Dwight's road to Damascus
Latoya Grindley, Staff Reporter
Using conventional ways to spread the Word of God is the mission that Transformed Life Church is on. Celebrating its first anniversary this month, the non-denominational church has grown from an initial size of 57 to 145 members and is positioning itself to captivate a lot more.
Headed by Pastor Dwight Fletcher and his wife, Joan, the church was formed on the premise that there are general needs that are not being addressed by many churches. Needs, they argued, that are deemed important to transforming one's life.
"We did our survey to find out from persons what they wanted in a church. We wanted to make sure that we were being relevant to them. And so how we deliver have incorporated these findings," noted Mrs Fletcher.
Being innovative and flexible are two prime ways in which the church has gone about reaching and spreading the biblical messages.
"We found that persons wanted more fellowship, they wanted to learn and understand scriptures more and how they can be applied to their lives. And so we can encourage persons to drop the mask and be themselves to allow the Lord to work through them."
Part of the church's programme is the use of applied services. The focus of these services are geared at using scriptures to reinforce and make applicable to people's lives.
"Once we had 'Getting Down to Business' where we preached and used scriptures which spoke about being business-minded and achieving goals. Through these series, we not only address spiritual life but we incorporate all facets of our lives," said Pastor Fletcher.
Describing his former life as one which was
of a typical Jamaican secular man, the reverend said prior to getting
saved, he was agnostic.
"I just thought persons became
Christians because they needed a crutch. In fact, I would always be the
one arguing with Christians," he noted.
His wife, on
the other hand, was more connected to Christianity. But her acceptance
and openness had to be altered due to her husband's views at the
"I can tell you that I would not even feel
comfortable playing Christian music around him just because of how he
was," she quipped.
But the birth of their children,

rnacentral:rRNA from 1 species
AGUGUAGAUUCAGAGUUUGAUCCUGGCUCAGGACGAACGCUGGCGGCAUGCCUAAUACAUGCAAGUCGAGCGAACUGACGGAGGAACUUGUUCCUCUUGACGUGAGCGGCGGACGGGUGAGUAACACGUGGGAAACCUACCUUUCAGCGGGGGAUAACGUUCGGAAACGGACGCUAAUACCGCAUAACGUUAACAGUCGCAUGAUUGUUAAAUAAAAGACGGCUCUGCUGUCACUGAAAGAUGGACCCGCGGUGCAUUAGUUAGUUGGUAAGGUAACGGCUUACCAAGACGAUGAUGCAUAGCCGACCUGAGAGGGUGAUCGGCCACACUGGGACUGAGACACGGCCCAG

Joel and Gabrielle, became the turning point at which the Fletchers felt
compelled to be affiliated with a church as a family. This led to their
official acceptance of the Superior Being.
to be associated with a church for our children. We just thought it
would give them a stronger moral base. And one Sunday at church, I had
an experience that could not be explained by logic. I thought I needed
to investigate," said Pastor Fletcher.
investigation which led to him attending Bible study and conducting his
own 'research' spiralled a change in his life. He and his wife, Joan,
got baptised at the same time.
It was certainly not an
easy transition for the two, especially for Pastor Fletcher who, in the
process, had many doubters who mocked his
"His friends were surprised. As a matter of
fact, some only gave him a day before he changed his mind. He even lost
friends," said Mrs Fletcher.
Going into full-time
ministry in 1998, Pastor Fletcher is a businessman with an engineering
background. His wife, an attorney-at-law, is the CEO of Toll
With both having full-time jobs, the duo
said it is non-stop work.
"It can be a little
challenging to find time for your family when you have your official job
and a church. Because you find that your hours are longer as you are
involved in church activities, as well as you have to be counsellor and
adviser," highlighted Mrs Fletcher.
Trying to reach
out to the most 'troubled' generation, according to Pastor Fletcher, is
the prime objective of his church.
According to him,
Generation Y is perhaps the most disconnected from
"They are the most missing persons in the
Church. The Church doesn't speak their language. We are positioning
ourselves to speak to them. This generation has seen multiple divorces,
shootings and sense of
Non-denominational, Transformed Life
Church welcomes all and promotes an atmosphere that is
"We are not going to be strict in the
traditional sense of the word. We are here to point people in the right
direction. We are primarily reaching a group that is not necessarily
facilitated in a denomination."
In doing things a lot
more contemporary and less rigid in order to attract persons to the
spiritual world, there are subtle shifts that are being
"We have no problem with persons using
technology in church. They can use their iPads or phones to download
scriptures or even take notes. This generation is very suspicious of
institutions, of which the Church is one. So we are putting emphasis on
how people view the Church," noted Mrs
Empowering his congregation is a must for
the pastor. In fact, this strategy has worked for members who have been
challenged to release suppressed gifts.
persons. Everyone carries a gift. And we empower everyone to operate
within their own fit."
As it relates to the activities
of churches and their involvement in the progress of Jamaica, Pastor
Fletcher insists that they are doing a lot but more can be
"The Church is doing a lot. But once you are
doing something well there are some things can go unaddressed. The
Church needs to be more involved with legislation and justice for the
poor. The Church needs to talk about business and driving the
entrepreneurial spirit within their
Life Church is located at the Police Officers' Club, 34 Hope Road.